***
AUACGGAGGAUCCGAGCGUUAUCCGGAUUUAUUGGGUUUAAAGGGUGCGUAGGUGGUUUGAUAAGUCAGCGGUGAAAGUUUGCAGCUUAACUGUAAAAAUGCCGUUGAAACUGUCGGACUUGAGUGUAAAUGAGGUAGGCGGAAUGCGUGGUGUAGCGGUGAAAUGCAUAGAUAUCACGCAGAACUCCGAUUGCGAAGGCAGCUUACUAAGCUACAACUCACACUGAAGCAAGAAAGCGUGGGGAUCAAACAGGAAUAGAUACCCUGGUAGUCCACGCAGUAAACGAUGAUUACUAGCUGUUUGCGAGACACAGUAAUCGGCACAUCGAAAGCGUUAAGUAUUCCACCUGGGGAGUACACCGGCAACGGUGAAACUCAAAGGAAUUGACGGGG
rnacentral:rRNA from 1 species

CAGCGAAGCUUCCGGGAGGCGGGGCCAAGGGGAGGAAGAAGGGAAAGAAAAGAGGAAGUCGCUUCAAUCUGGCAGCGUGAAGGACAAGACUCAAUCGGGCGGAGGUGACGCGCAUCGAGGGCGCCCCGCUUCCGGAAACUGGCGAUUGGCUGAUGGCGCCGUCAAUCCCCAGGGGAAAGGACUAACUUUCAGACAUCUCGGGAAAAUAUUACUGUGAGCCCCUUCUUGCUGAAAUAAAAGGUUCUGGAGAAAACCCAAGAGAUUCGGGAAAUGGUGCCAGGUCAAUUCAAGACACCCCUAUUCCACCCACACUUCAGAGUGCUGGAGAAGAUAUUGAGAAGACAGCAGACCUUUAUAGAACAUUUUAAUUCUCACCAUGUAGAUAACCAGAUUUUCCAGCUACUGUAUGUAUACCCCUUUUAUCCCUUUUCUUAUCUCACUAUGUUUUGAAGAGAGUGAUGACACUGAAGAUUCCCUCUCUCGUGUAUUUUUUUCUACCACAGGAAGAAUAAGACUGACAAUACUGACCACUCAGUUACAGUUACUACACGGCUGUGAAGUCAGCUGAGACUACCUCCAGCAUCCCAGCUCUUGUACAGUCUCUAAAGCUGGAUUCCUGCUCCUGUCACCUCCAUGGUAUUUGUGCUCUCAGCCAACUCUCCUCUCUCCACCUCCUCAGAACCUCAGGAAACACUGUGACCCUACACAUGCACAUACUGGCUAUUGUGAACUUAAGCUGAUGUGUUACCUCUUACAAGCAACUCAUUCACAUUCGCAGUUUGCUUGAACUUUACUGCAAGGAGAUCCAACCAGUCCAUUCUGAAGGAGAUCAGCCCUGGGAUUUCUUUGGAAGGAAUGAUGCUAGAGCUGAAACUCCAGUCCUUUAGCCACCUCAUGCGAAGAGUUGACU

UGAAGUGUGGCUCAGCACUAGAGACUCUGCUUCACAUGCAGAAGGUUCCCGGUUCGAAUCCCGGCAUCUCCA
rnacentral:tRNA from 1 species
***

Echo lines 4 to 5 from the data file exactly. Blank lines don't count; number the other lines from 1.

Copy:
UGAAGUGUGGCUCAGCACUAGAGACUCUGCUUCACAUGCAGAAGGUUCCCGGUUCGAAUCCCGGCAUCUCCA
rnacentral:tRNA from 1 species